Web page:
The ever-wonderful Production Weekly have Tweeted up their latest uncovering. It’s short enough to quote in its entirety, so here goes:
McG is attached to direct Medieval, a spec script by Mike Finch & Alex Litvak, described as The Dirty Dozen set in medieval times.
As far as I know, Finch and Litvak previously worked together when Litvak was a producer moving Finch’s Adrenaline through development. I guess co-writing is a new thing for them because I can’t find any reports or trace of other scripts they’ve tapped out in partnership.
I’m probably the sole proudly pronounced McG fan on the /Film team. I’m happy to see him lining up more work. Perhaps I’m a little disappointed that he’s back to playing around in the big budget, action adventure end of the pool again, not the saltier, less chlorinated waters where he spawned We Are Marshall… but then again, he’s so very, very good at the blowing up and crash-smash bingo bango that I’m also happy he’s rescued another such spectacle from the bungling mitts of, say, Ratner, Mostow, Sommers or Bay.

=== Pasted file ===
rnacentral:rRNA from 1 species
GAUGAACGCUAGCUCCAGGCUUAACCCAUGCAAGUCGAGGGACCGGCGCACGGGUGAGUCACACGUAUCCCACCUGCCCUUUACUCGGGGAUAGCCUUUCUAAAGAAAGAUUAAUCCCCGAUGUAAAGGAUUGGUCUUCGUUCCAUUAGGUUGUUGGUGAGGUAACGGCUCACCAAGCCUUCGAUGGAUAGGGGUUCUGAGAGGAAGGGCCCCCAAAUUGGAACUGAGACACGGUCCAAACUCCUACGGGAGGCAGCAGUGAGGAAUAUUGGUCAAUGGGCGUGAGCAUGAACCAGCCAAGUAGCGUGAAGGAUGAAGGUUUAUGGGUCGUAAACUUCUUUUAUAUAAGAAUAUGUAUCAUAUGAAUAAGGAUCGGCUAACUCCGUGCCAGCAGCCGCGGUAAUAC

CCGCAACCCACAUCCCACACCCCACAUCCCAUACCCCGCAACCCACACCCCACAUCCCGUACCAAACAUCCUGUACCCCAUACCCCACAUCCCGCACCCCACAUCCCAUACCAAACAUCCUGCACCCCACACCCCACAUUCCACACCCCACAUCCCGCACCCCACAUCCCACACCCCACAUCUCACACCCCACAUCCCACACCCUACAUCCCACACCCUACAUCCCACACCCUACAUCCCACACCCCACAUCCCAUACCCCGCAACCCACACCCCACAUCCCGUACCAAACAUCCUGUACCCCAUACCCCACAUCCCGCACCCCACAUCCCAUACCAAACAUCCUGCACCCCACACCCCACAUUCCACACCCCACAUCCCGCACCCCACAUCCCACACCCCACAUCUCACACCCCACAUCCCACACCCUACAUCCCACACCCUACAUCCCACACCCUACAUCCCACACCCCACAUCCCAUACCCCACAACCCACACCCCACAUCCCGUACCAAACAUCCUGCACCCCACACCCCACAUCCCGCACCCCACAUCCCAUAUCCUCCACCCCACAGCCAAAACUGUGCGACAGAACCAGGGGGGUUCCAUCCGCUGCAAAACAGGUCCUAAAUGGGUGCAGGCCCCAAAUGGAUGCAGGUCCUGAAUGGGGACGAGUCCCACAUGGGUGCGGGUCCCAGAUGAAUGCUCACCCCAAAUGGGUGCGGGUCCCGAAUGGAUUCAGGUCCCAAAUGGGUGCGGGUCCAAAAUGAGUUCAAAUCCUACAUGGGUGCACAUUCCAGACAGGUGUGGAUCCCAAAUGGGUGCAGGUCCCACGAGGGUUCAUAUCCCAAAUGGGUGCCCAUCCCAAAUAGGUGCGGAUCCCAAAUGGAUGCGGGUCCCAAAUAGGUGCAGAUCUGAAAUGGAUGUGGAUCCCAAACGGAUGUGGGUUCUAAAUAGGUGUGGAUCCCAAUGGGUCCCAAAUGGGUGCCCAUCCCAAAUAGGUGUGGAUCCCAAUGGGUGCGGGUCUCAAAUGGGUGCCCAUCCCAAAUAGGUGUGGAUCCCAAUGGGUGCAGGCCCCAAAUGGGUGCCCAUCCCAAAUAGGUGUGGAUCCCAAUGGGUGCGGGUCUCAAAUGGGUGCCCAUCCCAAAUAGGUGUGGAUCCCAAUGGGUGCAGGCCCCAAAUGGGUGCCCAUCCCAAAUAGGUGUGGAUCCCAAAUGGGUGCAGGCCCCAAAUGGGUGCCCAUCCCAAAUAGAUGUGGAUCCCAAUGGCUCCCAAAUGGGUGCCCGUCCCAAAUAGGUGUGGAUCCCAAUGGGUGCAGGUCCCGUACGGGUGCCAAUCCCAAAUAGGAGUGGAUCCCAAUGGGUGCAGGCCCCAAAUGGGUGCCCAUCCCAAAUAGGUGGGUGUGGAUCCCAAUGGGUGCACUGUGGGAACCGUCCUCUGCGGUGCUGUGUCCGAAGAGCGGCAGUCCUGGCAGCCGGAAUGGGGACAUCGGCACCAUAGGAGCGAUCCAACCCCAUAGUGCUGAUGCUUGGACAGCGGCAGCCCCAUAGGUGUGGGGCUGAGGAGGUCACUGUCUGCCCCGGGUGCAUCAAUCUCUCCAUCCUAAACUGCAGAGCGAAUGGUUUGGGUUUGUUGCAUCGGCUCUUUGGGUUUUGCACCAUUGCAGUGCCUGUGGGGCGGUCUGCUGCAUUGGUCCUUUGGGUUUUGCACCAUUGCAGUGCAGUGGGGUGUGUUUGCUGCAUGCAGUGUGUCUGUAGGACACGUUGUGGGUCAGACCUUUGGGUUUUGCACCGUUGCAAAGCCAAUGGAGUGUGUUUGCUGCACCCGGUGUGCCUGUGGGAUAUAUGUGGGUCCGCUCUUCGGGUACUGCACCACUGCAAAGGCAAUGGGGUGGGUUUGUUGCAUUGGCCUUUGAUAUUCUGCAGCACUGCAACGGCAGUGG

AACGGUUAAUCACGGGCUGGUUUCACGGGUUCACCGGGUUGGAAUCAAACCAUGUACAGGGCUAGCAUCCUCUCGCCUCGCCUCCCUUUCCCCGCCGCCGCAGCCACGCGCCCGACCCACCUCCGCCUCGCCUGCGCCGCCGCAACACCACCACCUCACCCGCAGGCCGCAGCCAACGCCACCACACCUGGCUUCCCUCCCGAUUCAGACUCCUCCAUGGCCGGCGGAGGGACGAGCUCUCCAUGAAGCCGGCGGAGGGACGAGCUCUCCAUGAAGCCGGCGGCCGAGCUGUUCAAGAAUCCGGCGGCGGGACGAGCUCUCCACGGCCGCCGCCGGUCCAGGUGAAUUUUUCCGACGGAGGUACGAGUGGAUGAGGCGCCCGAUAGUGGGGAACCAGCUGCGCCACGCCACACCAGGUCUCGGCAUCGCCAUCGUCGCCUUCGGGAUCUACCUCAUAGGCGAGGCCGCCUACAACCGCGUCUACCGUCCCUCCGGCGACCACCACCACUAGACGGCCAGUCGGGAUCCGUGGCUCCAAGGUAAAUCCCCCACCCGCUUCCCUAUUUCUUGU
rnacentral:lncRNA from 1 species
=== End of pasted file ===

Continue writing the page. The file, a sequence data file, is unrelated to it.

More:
The no. 1 rival project to Medieval would be Brian K. Vaughan’s Roundtable. Dreamworks snapped that one up last summer though I don’t think much progress has been made, or at least been made public. Whereas Roundtable is set in the present day and features contemporary analogs to Arthur’s crew teaming up with Merlin to slap back some ancient evil, Medieval just looks to be taking a modern day approach to action and dropping it into a (possibly horrendously inaccurate) historical setting. All the same – Big Knight Action. It’s in.
I think the Dirty Dozen styled subgenre of “men on a mission” flicks has been given new lease by the excitement surrounding Inglourious Basterds. The typical expectation there is that Tarantino will be bringing us something of a straight-up, Dozen-styled, behind-enemy-lines boy’s own adventure, and not the enquiry into the power and potency of propaganda, love letter to the emotional power of the close up, and strange romance that he will really be bringing us in half of the film’s scenes.